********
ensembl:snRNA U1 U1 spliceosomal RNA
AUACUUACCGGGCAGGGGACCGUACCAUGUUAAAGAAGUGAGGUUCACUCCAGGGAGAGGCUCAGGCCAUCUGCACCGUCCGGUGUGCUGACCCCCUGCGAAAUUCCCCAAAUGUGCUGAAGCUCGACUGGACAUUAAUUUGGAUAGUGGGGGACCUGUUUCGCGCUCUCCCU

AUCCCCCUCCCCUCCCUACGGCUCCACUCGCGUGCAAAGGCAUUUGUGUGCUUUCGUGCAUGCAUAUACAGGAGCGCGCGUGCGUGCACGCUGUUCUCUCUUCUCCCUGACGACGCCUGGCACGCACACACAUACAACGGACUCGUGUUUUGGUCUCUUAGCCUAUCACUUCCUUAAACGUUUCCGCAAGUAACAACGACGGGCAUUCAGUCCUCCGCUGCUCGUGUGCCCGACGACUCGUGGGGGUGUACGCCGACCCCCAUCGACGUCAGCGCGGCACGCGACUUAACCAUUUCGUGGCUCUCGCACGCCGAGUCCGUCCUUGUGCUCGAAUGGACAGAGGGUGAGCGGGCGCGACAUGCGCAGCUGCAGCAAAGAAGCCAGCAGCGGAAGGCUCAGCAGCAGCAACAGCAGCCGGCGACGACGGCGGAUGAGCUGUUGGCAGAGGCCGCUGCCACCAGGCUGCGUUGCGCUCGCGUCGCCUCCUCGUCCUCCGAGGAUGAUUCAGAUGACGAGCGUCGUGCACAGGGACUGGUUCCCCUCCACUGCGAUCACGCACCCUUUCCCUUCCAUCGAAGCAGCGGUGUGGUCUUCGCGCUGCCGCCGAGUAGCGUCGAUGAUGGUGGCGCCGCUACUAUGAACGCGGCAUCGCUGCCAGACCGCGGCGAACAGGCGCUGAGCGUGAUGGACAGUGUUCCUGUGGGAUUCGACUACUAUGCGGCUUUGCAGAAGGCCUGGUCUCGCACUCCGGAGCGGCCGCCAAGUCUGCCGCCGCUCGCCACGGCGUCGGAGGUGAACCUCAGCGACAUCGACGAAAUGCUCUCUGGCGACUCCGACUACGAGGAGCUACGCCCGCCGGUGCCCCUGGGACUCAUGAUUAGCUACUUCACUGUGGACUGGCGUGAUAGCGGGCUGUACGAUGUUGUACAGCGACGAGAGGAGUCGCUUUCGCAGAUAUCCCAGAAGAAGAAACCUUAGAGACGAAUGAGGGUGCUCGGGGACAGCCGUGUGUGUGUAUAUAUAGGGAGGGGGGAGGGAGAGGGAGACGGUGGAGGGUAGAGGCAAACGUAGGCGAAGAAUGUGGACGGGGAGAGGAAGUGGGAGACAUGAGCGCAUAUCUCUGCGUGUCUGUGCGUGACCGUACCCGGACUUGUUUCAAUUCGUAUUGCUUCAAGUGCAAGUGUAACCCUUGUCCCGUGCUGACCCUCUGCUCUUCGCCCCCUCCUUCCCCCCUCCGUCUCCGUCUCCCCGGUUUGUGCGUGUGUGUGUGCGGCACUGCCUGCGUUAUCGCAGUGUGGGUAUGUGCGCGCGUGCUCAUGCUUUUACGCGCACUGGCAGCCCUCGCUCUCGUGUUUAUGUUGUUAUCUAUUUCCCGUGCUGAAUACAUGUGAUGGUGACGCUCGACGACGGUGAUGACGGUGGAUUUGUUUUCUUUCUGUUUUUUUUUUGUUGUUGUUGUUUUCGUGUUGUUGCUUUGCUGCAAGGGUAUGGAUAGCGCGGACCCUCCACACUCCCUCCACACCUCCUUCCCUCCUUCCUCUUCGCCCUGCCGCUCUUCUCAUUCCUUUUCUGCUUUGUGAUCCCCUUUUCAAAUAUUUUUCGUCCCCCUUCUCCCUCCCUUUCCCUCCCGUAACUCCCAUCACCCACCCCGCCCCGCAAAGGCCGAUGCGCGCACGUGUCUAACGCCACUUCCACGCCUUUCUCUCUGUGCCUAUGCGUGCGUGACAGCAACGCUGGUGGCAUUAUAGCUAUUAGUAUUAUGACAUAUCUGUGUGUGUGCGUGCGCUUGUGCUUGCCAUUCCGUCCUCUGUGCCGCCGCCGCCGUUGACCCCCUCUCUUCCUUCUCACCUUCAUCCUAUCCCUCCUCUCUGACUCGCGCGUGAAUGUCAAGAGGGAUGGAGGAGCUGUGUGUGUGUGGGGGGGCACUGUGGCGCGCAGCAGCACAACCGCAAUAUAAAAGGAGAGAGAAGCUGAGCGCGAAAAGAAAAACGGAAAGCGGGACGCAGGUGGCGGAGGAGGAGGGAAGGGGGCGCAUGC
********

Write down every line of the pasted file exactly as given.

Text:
ensembl:snRNA U1 U1 spliceosomal RNA
AUACUUACCGGGCAGGGGACCGUACCAUGUUAAAGAAGUGAGGUUCACUCCAGGGAGAGGCUCAGGCCAUCUGCACCGUCCGGUGUGCUGACCCCCUGCGAAAUUCCCCAAAUGUGCUGAAGCUCGACUGGACAUUAAUUUGGAUAGUGGGGGACCUGUUUCGCGCUCUCCCU

AUCCCCCUCCCCUCCCUACGGCUCCACUCGCGUGCAAAGGCAUUUGUGUGCUUUCGUGCAUGCAUAUACAGGAGCGCGCGUGCGUGCACGCUGUUCUCUCUUCUCCCUGACGACGCCUGGCACGCACACACAUACAACGGACUCGUGUUUUGGUCUCUUAGCCUAUCACUUCCUUAAACGUUUCCGCAAGUAACAACGACGGGCAUUCAGUCCUCCGCUGCUCGUGUGCCCGACGACUCGUGGGGGUGUACGCCGACCCCCAUCGACGUCAGCGCGGCACGCGACUUAACCAUUUCGUGGCUCUCGCACGCCGAGUCCGUCCUUGUGCUCGAAUGGACAGAGGGUGAGCGGGCGCGACAUGCGCAGCUGCAGCAAAGAAGCCAGCAGCGGAAGGCUCAGCAGCAGCAACAGCAGCCGGCGACGACGGCGGAUGAGCUGUUGGCAGAGGCCGCUGCCACCAGGCUGCGUUGCGCUCGCGUCGCCUCCUCGUCCUCCGAGGAUGAUUCAGAUGACGAGCGUCGUGCACAGGGACUGGUUCCCCUCCACUGCGAUCACGCACCCUUUCCCUUCCAUCGAAGCAGCGGUGUGGUCUUCGCGCUGCCGCCGAGUAGCGUCGAUGAUGGUGGCGCCGCUACUAUGAACGCGGCAUCGCUGCCAGACCGCGGCGAACAGGCGCUGAGCGUGAUGGACAGUGUUCCUGUGGGAUUCGACUACUAUGCGGCUUUGCAGAAGGCCUGGUCUCGCACUCCGGAGCGGCCGCCAAGUCUGCCGCCGCUCGCCACGGCGUCGGAGGUGAACCUCAGCGACAUCGACGAAAUGCUCUCUGGCGACUCCGACUACGAGGAGCUACGCCCGCCGGUGCCCCUGGGACUCAUGAUUAGCUACUUCACUGUGGACUGGCGUGAUAGCGGGCUGUACGAUGUUGUACAGCGACGAGAGGAGUCGCUUUCGCAGAUAUCCCAGAAGAAGAAACCUUAGAGACGAAUGAGGGUGCUCGGGGACAGCCGUGUGUGUGUAUAUAUAGGGAGGGGGGAGGGAGAGGGAGACGGUGGAGGGUAGAGGCAAACGUAGGCGAAGAAUGUGGACGGGGAGAGGAAGUGGGAGACAUGAGCGCAUAUCUCUGCGUGUCUGUGCGUGACCGUACCCGGACUUGUUUCAAUUCGUAUUGCUUCAAGUGCAAGUGUAACCCUUGUCCCGUGCUGACCCUCUGCUCUUCGCCCCCUCCUUCCCCCCUCCGUCUCCGUCUCCCCGGUUUGUGCGUGUGUGUGUGCGGCACUGCCUGCGUUAUCGCAGUGUGGGUAUGUGCGCGCGUGCUCAUGCUUUUACGCGCACUGGCAGCCCUCGCUCUCGUGUUUAUGUUGUUAUCUAUUUCCCGUGCUGAAUACAUGUGAUGGUGACGCUCGACGACGGUGAUGACGGUGGAUUUGUUUUCUUUCUGUUUUUUUUUUGUUGUUGUUGUUUUCGUGUUGUUGCUUUGCUGCAAGGGUAUGGAUAGCGCGGACCCUCCACACUCCCUCCACACCUCCUUCCCUCCUUCCUCUUCGCCCUGCCGCUCUUCUCAUUCCUUUUCUGCUUUGUGAUCCCCUUUUCAAAUAUUUUUCGUCCCCCUUCUCCCUCCCUUUCCCUCCCGUAACUCCCAUCACCCACCCCGCCCCGCAAAGGCCGAUGCGCGCACGUGUCUAACGCCACUUCCACGCCUUUCUCUCUGUGCCUAUGCGUGCGUGACAGCAACGCUGGUGGCAUUAUAGCUAUUAGUAUUAUGACAUAUCUGUGUGUGUGCGUGCGCUUGUGCUUGCCAUUCCGUCCUCUGUGCCGCCGCCGCCGUUGACCCCCUCUCUUCCUUCUCACCUUCAUCCUAUCCCUCCUCUCUGACUCGCGCGUGAAUGUCAAGAGGGAUGGAGGAGCUGUGUGUGUGUGGGGGGGCACUGUGGCGCGCAGCAGCACAACCGCAAUAUAAAAGGAGAGAGAAGCUGAGCGCGAAAAGAAAAACGGAAAGCGGGACGCAGGUGGCGGAGGAGGAGGGAAGGGGGCGCAUGC